Many Communities Have Unsafe Drinking Water
An estimated 800,000 state residents consume contaminated well water.
In this place, hundreds of thousands of people face the specter of drinking water from wells that is unsafe, tainted by one or more contaminants such as arsenic or nitrate.
In this place, for some, even brushing their teeth or cooking a meal can give pause because of the risk of lead from aging water pipes. The dangers to children, often more susceptible to pollutants than adults, and even pets and livestock, cause nagging fear.
Surely, this place — on a planet where the United Nations estimates 783 million people lack access to safe drinking water — lies in a distant nation.
But this polluted water is right here. In many parts of Wisconsin. In a state whose very name evokes the image of lakes and rivers and clean, cool, abundant water.
Lynda Cochart’s water from her private well was so poisoned by salmonella, nitrate, E. coli and manure-borne viruses that one researcher compared the results from her Kewaunee County farm to contamination in a Third World country. She suspects the problem is related to the county’s proliferation of large livestock operations, although testing did not pinpoint the source.
“Realize that we can’t drink, brush our teeth, wash dishes, wash food; we can’t use our water,” Cochart wrote in a letter last year to the U.S. Environmental Protection Agency, seeking intervention in the county’s drinking water problems.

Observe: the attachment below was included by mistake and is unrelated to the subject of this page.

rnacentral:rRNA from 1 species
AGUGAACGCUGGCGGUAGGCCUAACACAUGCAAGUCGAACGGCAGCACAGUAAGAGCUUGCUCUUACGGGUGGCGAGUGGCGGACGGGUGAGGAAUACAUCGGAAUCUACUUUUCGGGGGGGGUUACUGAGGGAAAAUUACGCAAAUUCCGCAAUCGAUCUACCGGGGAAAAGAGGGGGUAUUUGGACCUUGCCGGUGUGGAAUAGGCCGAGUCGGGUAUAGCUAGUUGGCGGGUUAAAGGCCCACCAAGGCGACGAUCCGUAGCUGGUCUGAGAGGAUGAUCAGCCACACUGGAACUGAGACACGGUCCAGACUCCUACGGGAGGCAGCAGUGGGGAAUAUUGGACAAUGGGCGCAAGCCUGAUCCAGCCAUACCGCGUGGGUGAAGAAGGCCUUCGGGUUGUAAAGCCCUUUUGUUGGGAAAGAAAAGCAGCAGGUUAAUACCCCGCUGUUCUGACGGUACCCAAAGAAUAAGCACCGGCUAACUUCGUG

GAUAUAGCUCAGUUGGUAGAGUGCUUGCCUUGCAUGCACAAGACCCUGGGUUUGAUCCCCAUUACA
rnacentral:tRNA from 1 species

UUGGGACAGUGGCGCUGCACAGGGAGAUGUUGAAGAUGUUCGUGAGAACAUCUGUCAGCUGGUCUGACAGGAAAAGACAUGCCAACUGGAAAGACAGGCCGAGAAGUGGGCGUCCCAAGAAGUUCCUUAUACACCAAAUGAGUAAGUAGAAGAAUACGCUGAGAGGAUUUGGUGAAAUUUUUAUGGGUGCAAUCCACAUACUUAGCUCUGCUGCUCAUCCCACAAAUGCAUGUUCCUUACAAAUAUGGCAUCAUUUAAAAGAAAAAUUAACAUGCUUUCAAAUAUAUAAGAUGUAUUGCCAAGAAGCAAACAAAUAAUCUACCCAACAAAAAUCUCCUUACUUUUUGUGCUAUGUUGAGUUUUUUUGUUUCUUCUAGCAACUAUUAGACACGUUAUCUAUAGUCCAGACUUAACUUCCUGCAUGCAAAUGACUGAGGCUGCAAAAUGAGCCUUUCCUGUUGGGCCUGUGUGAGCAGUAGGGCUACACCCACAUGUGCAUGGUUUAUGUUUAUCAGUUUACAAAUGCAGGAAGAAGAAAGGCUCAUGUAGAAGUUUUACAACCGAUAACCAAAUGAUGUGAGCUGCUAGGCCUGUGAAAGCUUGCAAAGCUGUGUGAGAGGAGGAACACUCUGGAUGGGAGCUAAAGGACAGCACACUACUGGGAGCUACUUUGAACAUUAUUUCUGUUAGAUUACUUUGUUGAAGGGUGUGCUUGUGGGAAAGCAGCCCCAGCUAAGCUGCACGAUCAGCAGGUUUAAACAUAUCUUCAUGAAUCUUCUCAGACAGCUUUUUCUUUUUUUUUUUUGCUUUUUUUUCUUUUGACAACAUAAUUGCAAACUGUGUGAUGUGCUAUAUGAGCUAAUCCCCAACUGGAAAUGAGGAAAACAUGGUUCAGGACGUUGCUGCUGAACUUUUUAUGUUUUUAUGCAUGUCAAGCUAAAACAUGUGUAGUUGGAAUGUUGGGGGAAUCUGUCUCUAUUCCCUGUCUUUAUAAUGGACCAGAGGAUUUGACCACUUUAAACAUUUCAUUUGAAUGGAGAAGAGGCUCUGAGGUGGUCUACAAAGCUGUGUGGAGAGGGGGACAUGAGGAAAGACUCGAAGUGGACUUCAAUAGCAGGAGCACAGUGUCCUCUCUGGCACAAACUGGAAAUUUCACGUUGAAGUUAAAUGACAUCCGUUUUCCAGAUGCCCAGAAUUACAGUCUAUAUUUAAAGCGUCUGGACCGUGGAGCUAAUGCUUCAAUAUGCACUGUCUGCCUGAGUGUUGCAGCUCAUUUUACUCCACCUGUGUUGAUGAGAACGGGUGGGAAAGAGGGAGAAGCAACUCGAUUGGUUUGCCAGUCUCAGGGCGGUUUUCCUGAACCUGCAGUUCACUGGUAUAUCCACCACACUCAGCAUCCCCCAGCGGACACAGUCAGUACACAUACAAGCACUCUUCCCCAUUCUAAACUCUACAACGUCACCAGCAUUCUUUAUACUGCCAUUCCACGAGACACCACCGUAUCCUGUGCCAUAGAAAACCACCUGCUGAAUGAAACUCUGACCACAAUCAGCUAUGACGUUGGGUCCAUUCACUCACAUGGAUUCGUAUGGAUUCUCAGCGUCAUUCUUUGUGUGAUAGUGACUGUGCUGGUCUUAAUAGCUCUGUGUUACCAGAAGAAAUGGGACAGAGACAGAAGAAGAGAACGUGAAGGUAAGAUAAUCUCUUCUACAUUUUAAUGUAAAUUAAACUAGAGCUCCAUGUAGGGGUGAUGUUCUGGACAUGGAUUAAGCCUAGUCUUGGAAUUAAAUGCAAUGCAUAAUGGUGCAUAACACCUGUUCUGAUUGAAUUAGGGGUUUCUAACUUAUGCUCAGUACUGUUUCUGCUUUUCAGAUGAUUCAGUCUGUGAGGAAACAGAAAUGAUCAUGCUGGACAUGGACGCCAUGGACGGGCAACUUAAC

“Our water is on our mind all the time. If drinking it doesn’t kill us, the stress of having it on our mind and worrying about it all the time will.”
Hundreds of thousands of Wisconsin’s 5.8 million residents are at risk of consuming drinking water tainted with substances including lead, nitrate, disease-causing bacteria and viruses, naturally occurring heavy metals and other contaminants, the Wisconsin Center for Investigative Journalism has found.
The problem persists, and in some areas is worsening, because of flawed agricultural practices, development patterns that damage water quality, geologic deposits of harmful chemicals, porous karst and sand landscapes, lack of regulation of the private wells serving an estimated 1.7 million people, and breakdowns in state and federal systems intended to safeguard water quality.